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Novel catalyst for low-temperature ethanol steam reforming; potential advance for on-board production of hydrogen for vehicles

Researchers at the A*STAR Institute of Chemical and Engineering Sciences in Singapore have developed a novel catalyst (iron-promoted rhodium on a calcium-modified aluminum oxide support) for CO-free hydrogen production via low-temperature ethanol steam reforming (ESR). The catalyst could advance the realization of small-scale on-board ethanol reformers for hydrogen-powered cars. A paper on their work appeared earlier this year in the journal Topics in Catalysis.

They investigated a series of 1 wt% Rh–x % Fe catalysts with various Fe loading (x = 0–10 wt%) and on different supports (Ca–Al2O3, SiO2 and ZrO2). The results showed that close interaction between Rh and Fe is required to reduce the CO selectivity to almost negligible values.

Rh–Fe supported on Ca–Al2O3 exhibited the best performance in terms of CO selectivity and hydrogen yield as compared to other supports.

This catalyst enables hydrogen to be generated more efficiently with less environmental damage as the reaction can occur at temperatures as low as 350 ˚C and produce almost no carbon monoxide as a byproduct. The presence of iron oxide enables carbon monoxide to be converted into carbon dioxide and hydrogen via the water–gas shift reaction. Thus, the iron promotion effect on the rhodium-based catalyst is the key to removing carbon monoxide—something that is exceedingly difficult to achieve on rhodium alone.

Additional benefits of ESR are the commercial advantages stemming from the catalyst being quite stable and having a long active lifetime. This means that the catalyst will permit long cycle lengths, minimize the regeneration frequency and reduce the operational downtime for on-board steam reformers.

Co-author Luwei Chen at the A*STAR Institute of Chemical and Engineering Sciences explained that these factors are “essential for maintaining profitable operations in reforming units. Similarly, a stable catalyst would reduce the operating cost for an on-board reformer.

Chen noted that the catalyst will enable better operational flexibility in terms of economics and on-board reformer size (since carbon monoxide purification units can be removed), which she says will “make a significant impact in the design of efficient and simple on-board reactors.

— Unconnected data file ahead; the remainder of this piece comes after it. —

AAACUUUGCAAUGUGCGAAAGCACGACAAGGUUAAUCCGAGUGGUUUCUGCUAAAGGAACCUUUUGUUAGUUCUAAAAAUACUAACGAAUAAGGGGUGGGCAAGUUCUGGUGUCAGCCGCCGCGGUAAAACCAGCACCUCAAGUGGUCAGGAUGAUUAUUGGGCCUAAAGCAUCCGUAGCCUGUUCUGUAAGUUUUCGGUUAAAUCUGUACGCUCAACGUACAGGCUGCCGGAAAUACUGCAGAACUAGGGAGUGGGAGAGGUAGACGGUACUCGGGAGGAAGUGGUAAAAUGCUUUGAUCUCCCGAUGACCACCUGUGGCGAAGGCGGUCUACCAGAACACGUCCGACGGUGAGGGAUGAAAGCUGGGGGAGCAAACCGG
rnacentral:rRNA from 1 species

• Choong, C. K. S., Chen, L., Du, Y., Wang, Z., Hong, L. & Borgna, A. (2014) “Rh–Fe/Ca–Al2O3: A unique catalyst for CO-free hydrogen production in low temperature ethanol steam reforming.” Topics in Catalysis 57, 627–636 doi: 10.1007/s11244-013-0221-0



Excellent, they can put E100 tanks at fueling stations along with blender pumps. You can have E10 to E85 for engines or E100 for fuels cells. Fuel cells are great but 10,000 psi hydrogen is not.


Another potential variant for future FCEVs?

This may become a cleaner, and probably more efficient way, to use bio-fuels for ground vehicles.

If it could be made light enough, it could also bcome a range extender for small e-planes.


Methanol reforms at 300C, this says ethanol reforms at 350C, when you reform alcohols you do not have the sulfur and other impurities that you find in refined fuels.

The reformer can be small and light, you can start it with electric heating, after that it is auto thermal, heated by the oxidation of the fuel. The main problem is getting CO down to 10 ppm for the PEM fuel cell.


Okay, that's now TWO options to get rid of the hydrogen distribution and fueling problem:

  • Sodium azide reforming of ammonia.
  • Low-temperature steam reforming of EtOH.

Stoichiometry:  C2H6O + 3 H2O -> 2 CO2 + 6 H2

Water is reclaimed from the FC, so need not be carried.  46 kg EtOH yields 12 kg H2, 26% yield which way exceeds the 7% desired by the DOE.

US fuel EtOH consumption last year was ~13 billion gallons.  Density 0.789 makes that 38.8 million tonnes EtOH, which would yield about 10 billion kg of H2.  At 60 mpkg(H2), that would be sufficient for 600 billion miles of travel.  Annual LDVMT for the USA is about 2 trillion.  30% of that isn't half bad.

Question:  could this system also reform MeOH?  If mixed alcohols are usable, processes which produce mixtures of alcohols are feasible contributors (using possibly more efficient processes than fermentation and distillation).

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